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Select-String / Substrings RRS feed

  • Question

  • I have some XML files I'm filtering through to pull state abbreviations out of them.  The line from the datafile looks like this:     

    <add key="DefaultState" value="AL"/>

    Here's the code:

    $filelist = (Get-ChildItem -Path "C:\blahblah\filenames*.xml")
    
    foreach ($file in $filelist)
        {
        $filename = $file.Name
        $fullfilename = $file.FullName
        
        $statestring = (select-string -InputObject $file -Pattern 'DefaultState" value=').Line
        $state = ($statestring -split '"')[3]
        $newname = $state.$filename
        Write-Host "$newname"
        }
    

    What I'm finding is that the response from the split includes a line feed - so I can't pipe the two letter abbreviation to a variable.

    My ultimate aim is to append the two-letter state abbreviation to the front of the filenames.

    Any assistance would be greatly appreciated.


    Thursday, May 17, 2018 7:00 PM

Answers

  • You need to use XML methods to edit XML files.

    [xml]$xml = Get-Content $file
    $xml.SelectSingleNode('//add[@key="DefaultState"]').Value


    \_(ツ)_/

    • Marked as answer by BAWrites Thursday, May 17, 2018 7:29 PM
    Thursday, May 17, 2018 7:12 PM

All replies

  • You need to use XML methods to edit XML files.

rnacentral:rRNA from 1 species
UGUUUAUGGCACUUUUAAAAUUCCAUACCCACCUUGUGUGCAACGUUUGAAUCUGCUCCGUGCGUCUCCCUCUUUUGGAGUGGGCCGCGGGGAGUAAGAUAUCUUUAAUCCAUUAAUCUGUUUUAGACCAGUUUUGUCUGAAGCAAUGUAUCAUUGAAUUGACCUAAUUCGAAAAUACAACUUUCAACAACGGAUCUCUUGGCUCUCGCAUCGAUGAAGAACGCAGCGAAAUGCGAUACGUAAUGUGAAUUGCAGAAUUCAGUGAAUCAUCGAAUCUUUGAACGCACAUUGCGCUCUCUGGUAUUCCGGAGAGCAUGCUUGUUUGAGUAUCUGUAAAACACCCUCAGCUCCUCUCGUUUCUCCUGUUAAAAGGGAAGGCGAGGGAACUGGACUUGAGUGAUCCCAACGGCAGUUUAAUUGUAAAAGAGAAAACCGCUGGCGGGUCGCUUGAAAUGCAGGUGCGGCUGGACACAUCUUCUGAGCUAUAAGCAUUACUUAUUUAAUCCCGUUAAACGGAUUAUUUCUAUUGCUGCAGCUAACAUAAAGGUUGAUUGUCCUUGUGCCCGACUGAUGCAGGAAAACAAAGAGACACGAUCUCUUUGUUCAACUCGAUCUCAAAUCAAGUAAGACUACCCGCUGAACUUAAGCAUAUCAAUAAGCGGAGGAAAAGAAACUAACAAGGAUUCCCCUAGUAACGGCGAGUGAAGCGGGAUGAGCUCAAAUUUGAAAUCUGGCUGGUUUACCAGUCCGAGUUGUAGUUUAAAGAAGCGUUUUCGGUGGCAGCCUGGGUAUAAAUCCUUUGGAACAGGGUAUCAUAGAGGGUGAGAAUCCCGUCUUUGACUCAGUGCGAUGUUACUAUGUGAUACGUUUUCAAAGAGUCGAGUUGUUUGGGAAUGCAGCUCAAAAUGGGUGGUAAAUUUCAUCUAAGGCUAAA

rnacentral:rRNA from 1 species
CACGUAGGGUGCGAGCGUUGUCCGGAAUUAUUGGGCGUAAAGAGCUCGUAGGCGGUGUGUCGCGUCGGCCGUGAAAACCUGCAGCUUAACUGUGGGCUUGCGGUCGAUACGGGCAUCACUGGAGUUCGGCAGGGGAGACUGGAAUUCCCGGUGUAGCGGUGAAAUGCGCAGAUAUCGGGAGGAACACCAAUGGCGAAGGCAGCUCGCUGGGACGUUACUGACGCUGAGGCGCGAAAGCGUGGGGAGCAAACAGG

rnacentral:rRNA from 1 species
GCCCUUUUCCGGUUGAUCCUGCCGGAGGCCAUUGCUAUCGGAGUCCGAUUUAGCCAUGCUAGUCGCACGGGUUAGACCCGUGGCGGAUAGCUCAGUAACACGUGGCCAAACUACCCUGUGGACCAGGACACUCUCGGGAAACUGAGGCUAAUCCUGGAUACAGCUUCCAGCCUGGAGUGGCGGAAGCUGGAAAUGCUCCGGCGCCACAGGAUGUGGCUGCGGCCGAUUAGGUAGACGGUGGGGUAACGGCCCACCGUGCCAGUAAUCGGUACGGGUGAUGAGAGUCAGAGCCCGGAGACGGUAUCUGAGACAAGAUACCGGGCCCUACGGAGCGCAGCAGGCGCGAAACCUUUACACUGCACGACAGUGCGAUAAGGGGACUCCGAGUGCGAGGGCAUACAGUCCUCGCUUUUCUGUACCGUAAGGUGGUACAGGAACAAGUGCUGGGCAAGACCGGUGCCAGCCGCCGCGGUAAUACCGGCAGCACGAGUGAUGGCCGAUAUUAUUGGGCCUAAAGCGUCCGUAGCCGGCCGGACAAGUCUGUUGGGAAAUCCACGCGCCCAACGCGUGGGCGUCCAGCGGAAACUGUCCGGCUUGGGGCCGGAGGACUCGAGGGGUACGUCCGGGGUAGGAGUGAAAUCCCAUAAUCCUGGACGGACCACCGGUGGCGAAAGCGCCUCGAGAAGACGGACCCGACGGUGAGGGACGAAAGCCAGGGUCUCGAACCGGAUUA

[xml]$xml = Get-Content $file
    $xml.SelectSingleNode('//add[@key="DefaultState"]').Value


    \_(ツ)_/

    • Marked as answer by BAWrites Thursday, May 17, 2018 7:29 PM
    Thursday, May 17, 2018 7:12 PM
  • Run this to see how it works:

    $filelist = (Get-ChildItem -Path "C:\blahblah\filenames*.xml")
    
    foreach ($file in $filelist){
        [xml]$xml = Get-Content $file
        $xml.SelectSingleNode('//add[@key="DefaultState"]').Value
    }


    \_(ツ)_/

    Thursday, May 17, 2018 7:15 PM
  • A little code engineering and that did the trick - I used the iif statement to ignore the empty line.  THanks!

    $filelist = (Get-ChildItem -Path "C:\blahblah\*.xml")
    
    foreach ($file in $filelist)
        {
        $filename = $file.Name
        $fullfilename = $file.FullName
    
        [xml]$xml = Get-Content $file
        $statedat = ($xml.SelectSingleNode('//add[@key="DefaultState"]').Value)
        Foreach ($line in $statedat)
            {
            if ($line -ne $null)
                {
                $state=$line
                Write-Host $state
                $newfilename = "$state$.filename"
                Write-Host "$newfilename"
                Rename-Item -Path $fullfilename -NewName "C:\blahblah\$newfilename" -Force
                }
            }
    
        }
    


    Thursday, May 17, 2018 7:29 PM
  • Not even close to what is happening.

    $filelist =Get-ChildItem C:\blahblah\*.xml
    foreach ($file in $filelist) {
        [xml]$xml = Get-Content $file
        if($state = $xml.SelectSingleNode('//add[@key="DefaultState"]').Value){
                $newfilename = "$state$.filename"
                Write-Host $newfilename
                Rename-Item -Path $file.FullName -NewName "C:\blahblah\$newfilename" -Force
        }
    }
    

    Don't create variables that you don't need.
    Don't add parens around everything.
    Don't add double quotes where they are no needed.


    \_(ツ)_/

    Thursday, May 17, 2018 7:40 PM
  • I appreciate the advice!  Thanks!


    Sunday, May 20, 2018 3:07 PM
  • For guidance see the following article.  It is a very good write on how to use PowerShell styles and the rules of variable creation and naming conventions.

    It is pretty much a PowerShell version of the defacto industry standards for programmers.

    PowerShell Style Guidelines


    \_(ツ)_/

    Sunday, May 20, 2018 3:59 PM